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The Daily Wildcat

The Daily Wildcat

 

    Car show ties together community, Mustangs

    Car buffs and community members alike strolled down Fourth Avenue this past Sunday and took in the view: Two rows of Ford vehicles lined either side of the street for four blocks. They varied from classic models, new releases and sports cars — the only requirement being that they were Fords.

    The event, called “Fords on Fourth”, celebrated its seventh year. It’s the biggest all-Ford show in Southern Arizona.

    The Southern Arizona Mustang Club puts it on each year. The club is the “world’s oldest Mustang club,” according to David Carroll, one of the club’s earliest members and co-coordinator of Fords on Fourth. Though other Mustang clubs exist, none have been around as long as the Mustang itself.

    This year’s show marked the Mustang’s 50th anniversary and the club’s as well. To celebrate the milestone, the event featured a red 1964 1/2 Mustang and a red 2014 Ford Mustang Shelby GT500, which Carroll said were meant to “represent the beginning and the end.”

    Carroll said Fords on Fourth was created because of a need for an all-Ford exhibit. Since its first show, the event has continued to increase in popularity. This year was the first time that over 200 people pre-registered to show their cars.

    Carroll thinks most collectors that display their cars do it because “it’s who they are” and because “they love cars.”

    Beyond providing eye candy for car enthusiasts, Carroll said SAMC always aims to “bring out the community” to Fords on Fourth. One of the reasons the event is located on Fourth Avenue is to attract some of the foot traffic that passes through it.

    As another tie to the community, the funds raised through the registration fees and donations are given to the Blake Foundation and Wings for Women. Carroll believes it’s important for SAMC to support causes that “address Southern Arizona needs.”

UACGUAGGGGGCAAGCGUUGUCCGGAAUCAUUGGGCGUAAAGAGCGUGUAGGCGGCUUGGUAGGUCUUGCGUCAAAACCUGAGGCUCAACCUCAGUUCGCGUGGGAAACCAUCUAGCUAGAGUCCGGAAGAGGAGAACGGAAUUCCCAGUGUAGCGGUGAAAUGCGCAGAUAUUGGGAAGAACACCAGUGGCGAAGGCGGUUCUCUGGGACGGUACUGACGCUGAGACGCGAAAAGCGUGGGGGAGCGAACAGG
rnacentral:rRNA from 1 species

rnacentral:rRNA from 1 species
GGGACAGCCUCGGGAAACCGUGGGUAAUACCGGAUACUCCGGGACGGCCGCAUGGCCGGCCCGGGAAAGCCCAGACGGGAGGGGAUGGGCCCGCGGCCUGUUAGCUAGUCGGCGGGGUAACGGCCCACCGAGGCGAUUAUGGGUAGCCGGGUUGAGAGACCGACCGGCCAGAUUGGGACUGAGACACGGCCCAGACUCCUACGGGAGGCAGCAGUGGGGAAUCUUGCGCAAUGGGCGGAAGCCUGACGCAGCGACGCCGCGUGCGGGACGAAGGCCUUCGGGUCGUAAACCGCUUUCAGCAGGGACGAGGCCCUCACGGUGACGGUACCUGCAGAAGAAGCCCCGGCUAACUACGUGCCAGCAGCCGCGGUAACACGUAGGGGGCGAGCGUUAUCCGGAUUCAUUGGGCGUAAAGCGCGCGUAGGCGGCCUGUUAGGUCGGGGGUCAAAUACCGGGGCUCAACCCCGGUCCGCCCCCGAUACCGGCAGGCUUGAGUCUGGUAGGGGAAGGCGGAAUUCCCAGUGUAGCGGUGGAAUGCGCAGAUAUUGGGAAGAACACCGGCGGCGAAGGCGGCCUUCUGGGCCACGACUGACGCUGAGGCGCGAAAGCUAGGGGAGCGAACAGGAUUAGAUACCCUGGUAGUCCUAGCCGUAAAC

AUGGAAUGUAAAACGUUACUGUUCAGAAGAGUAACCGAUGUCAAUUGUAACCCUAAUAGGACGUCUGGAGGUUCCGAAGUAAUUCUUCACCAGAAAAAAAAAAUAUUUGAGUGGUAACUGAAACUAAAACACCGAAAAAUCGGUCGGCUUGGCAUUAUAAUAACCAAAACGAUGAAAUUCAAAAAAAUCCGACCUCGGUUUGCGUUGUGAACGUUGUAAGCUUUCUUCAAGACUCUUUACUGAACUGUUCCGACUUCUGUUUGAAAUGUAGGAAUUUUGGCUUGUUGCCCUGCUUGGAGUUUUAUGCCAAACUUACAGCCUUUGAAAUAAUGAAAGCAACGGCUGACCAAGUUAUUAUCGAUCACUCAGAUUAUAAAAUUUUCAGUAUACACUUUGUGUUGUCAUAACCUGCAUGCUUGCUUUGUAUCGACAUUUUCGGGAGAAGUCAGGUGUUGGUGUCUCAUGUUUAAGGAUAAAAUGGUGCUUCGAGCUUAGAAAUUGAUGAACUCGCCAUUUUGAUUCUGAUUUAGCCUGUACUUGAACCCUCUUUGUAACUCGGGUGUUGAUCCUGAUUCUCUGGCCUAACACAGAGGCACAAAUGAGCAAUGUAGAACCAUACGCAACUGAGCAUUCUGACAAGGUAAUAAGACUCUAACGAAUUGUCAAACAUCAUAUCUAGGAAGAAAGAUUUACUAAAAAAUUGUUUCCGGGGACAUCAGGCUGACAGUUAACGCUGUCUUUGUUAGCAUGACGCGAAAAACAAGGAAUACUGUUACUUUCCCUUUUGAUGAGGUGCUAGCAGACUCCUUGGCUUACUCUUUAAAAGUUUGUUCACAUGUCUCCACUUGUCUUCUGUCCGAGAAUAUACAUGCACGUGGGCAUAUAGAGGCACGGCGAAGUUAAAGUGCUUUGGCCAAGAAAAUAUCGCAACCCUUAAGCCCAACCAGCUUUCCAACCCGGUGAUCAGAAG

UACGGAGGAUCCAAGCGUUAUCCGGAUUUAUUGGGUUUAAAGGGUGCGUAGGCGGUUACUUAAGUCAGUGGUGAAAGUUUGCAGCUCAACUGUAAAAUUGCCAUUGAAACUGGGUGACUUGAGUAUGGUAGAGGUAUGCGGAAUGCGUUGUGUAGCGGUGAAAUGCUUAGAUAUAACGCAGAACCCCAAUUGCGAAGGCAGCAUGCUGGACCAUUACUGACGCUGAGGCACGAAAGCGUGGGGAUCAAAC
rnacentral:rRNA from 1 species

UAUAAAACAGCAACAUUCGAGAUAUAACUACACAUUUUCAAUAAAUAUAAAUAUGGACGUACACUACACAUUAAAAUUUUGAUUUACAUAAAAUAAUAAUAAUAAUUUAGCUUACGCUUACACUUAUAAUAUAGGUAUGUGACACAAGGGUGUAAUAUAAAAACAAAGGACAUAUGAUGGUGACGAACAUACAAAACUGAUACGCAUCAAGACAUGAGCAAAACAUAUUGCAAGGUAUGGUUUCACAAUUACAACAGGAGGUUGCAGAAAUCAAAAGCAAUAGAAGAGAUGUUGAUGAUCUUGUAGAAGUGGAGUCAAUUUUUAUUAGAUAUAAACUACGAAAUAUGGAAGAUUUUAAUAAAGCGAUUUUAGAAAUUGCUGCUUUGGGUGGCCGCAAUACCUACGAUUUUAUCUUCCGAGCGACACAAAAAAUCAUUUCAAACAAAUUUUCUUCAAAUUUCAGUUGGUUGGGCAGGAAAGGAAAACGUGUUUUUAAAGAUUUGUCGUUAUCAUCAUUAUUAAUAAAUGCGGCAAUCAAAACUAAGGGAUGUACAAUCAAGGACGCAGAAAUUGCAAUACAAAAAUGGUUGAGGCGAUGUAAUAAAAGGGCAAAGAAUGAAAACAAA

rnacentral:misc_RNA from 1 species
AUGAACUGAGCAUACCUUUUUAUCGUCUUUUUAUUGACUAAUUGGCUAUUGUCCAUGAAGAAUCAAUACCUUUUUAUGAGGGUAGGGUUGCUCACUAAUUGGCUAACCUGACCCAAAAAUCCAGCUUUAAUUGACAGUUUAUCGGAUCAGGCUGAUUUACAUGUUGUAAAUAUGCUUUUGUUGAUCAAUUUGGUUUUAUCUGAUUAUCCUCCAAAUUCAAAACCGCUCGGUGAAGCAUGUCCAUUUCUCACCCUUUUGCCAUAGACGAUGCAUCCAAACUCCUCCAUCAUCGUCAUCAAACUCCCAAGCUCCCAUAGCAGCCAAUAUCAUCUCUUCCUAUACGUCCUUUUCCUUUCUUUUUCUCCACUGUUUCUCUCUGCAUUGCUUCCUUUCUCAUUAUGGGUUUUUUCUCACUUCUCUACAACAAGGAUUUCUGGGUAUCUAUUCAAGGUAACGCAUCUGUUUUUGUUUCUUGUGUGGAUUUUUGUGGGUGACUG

Stemming from the idea that the event is made for the community as opposed to a specific group of people, Carroll said Fords on Fourth welcomes people of all ages and interest levels.

    Mustang owners Linda Moon and James Moon showed two cars. They bought a 2014 Ford Mustang Shelby GT500, the last make of the Shelby to be produced, last April and then became collectors when they bought the first make of the model ever to be produced, the 1967 version. Around that time, they decided to join SAMC and get more involved in car culture and Mustang appreciation specifically.

    Fords on Fourth was the first car show they attended where they displayed their own vehicles.

    “It’s an avenue for people who enjoy cars to share their interest,” Moon said.

    Toward the end of the event, the panel of judges — comprised of a few members from SAMC — announced the four cars that will get a premium spot in next year’s show: a 1995 Lincoln, a 1969 Mustang Fastback, a 1932 Ford Pickup and a 1936 Ford 5-Window Coupe.

    “There’s not really a best in show,” Carroll said. “There’s a story behind each car.”

    The event also had numerous other judging categories. Registered attendees voted for the cars that they believe represented each class, and many “winners” were selected.

    This attitude reinforces SAMC’s mentality that they “not take anything too seriously,” according to Carroll. “We just do all this for fun.”

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